The places where men and women with connections to Eton Wick served cover this kingdom from Portreath in Cornwall to Dover in Kent and Scapa Flow in the Orkneys. Looking further to Europe, North Africa and the Middle East and elsewhere, you can see that wherever there was action, there were men from Eton Wick on the land and sea or in the air, or in support of them.

You fought until Rommel left Africa; you forced up through Italy and then you fought through Normandy and on to Berlin. Of course the war did not end there: it is just as remarkable to see it reach from Eton Wick across the world to the Far East, India, Burma, Malaya, Singapore and Japan; and in fact you can see the footprints of those in this room, between 1939 and '45 right across the globe's land and oceans from East to West and North to South; and they all came back here to Eton Wick.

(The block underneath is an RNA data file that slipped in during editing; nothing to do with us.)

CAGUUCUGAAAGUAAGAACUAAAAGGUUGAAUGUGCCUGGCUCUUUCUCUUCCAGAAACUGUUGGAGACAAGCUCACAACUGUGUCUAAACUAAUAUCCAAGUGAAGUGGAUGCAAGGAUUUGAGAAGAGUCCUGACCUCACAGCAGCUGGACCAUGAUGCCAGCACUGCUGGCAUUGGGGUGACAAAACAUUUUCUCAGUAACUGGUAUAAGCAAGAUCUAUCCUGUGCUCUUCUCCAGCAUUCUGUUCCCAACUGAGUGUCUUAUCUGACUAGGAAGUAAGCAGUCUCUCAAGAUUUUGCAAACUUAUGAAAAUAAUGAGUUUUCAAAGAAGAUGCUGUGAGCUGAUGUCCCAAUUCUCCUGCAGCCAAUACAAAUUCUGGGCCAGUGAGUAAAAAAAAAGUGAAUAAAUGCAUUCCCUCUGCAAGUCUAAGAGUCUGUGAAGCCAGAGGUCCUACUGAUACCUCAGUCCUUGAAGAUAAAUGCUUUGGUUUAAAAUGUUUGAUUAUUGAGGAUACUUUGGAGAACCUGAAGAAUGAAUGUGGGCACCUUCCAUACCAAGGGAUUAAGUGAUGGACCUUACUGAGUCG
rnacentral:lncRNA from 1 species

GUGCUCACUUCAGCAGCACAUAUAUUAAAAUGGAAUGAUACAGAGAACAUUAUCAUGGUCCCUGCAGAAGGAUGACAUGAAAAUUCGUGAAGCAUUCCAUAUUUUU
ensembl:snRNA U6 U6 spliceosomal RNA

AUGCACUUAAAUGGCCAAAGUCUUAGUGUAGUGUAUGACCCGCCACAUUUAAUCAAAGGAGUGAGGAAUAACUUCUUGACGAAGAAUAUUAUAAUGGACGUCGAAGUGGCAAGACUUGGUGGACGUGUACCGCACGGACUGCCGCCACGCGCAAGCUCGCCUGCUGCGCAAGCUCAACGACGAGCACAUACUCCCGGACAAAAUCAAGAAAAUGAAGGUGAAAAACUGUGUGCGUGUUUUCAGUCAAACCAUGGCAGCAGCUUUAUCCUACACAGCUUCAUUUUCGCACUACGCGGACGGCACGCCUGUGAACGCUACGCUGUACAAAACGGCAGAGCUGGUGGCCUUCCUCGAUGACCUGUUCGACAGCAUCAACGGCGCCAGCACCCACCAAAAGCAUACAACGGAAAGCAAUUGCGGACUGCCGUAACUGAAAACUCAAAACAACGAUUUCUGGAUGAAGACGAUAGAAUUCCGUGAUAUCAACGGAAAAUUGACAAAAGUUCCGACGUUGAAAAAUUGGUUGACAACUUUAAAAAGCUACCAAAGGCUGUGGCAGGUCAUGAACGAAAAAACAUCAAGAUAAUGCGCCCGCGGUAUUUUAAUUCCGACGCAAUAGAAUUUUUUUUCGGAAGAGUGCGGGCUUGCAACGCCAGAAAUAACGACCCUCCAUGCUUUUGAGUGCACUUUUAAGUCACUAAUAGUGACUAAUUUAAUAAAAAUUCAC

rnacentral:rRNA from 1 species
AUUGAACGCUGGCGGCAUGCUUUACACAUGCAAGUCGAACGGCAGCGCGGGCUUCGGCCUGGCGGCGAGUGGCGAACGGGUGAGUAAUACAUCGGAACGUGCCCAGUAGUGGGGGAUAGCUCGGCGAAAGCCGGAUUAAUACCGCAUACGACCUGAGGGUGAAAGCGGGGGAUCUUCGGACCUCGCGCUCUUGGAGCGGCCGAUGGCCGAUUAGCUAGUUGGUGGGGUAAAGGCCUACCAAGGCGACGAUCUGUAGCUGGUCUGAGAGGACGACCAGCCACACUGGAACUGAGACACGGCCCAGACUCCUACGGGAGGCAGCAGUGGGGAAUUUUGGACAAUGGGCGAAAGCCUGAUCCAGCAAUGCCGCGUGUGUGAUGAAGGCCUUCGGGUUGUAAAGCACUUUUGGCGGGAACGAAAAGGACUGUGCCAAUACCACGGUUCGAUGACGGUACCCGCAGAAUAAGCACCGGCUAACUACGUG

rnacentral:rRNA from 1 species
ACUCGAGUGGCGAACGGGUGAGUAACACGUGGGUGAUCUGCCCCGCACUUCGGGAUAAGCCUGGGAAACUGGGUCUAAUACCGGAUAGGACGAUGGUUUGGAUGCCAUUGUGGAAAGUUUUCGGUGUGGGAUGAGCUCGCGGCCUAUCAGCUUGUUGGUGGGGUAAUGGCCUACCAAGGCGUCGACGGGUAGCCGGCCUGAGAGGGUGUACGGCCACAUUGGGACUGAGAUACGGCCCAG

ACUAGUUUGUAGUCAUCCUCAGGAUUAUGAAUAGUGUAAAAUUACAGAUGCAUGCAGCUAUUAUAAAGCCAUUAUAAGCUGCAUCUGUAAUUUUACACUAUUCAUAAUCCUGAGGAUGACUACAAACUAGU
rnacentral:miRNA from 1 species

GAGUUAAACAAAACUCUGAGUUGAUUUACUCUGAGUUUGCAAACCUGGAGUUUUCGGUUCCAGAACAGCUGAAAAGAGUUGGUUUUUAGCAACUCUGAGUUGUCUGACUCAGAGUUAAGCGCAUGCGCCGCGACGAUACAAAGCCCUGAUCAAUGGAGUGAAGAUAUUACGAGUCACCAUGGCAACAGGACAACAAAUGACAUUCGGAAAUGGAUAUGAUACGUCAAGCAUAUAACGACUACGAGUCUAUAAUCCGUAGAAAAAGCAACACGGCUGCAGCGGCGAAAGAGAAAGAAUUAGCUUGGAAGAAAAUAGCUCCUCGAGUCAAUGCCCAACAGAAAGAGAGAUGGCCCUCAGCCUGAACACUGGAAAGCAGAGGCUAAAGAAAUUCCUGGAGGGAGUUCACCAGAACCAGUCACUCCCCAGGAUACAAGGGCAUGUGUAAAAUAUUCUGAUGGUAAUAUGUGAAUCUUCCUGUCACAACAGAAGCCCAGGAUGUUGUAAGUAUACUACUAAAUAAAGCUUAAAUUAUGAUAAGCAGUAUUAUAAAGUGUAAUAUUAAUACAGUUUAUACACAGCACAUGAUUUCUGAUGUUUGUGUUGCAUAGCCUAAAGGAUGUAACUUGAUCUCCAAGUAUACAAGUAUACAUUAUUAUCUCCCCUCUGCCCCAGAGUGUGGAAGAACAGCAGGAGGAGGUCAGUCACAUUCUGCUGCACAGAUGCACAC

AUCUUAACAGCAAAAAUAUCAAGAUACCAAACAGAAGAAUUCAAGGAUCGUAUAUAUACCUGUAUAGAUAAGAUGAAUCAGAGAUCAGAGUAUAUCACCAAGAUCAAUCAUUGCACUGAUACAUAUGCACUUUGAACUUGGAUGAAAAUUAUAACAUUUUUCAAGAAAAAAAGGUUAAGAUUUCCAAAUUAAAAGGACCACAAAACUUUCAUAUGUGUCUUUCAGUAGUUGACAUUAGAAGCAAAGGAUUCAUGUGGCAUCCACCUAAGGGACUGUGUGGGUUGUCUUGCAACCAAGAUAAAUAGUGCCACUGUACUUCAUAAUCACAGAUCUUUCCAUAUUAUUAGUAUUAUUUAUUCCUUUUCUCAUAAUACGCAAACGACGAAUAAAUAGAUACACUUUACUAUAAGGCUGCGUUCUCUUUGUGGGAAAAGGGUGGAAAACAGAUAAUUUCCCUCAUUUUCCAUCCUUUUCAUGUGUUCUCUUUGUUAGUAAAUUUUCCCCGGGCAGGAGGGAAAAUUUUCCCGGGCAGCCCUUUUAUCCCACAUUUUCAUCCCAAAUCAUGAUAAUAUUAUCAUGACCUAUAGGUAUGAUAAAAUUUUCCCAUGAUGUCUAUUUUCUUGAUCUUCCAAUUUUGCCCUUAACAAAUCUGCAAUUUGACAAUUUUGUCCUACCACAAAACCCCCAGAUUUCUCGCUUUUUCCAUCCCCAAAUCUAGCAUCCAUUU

I was very much moved by the experiences that you had, what they meant to you, and the memories that you had and remembered with modesty: 'packing the belongings of aircrew who did not return'; 'serving in mine-sweeping trawlers in the North Sea'; 'malnourished, near-naked and amidst sickness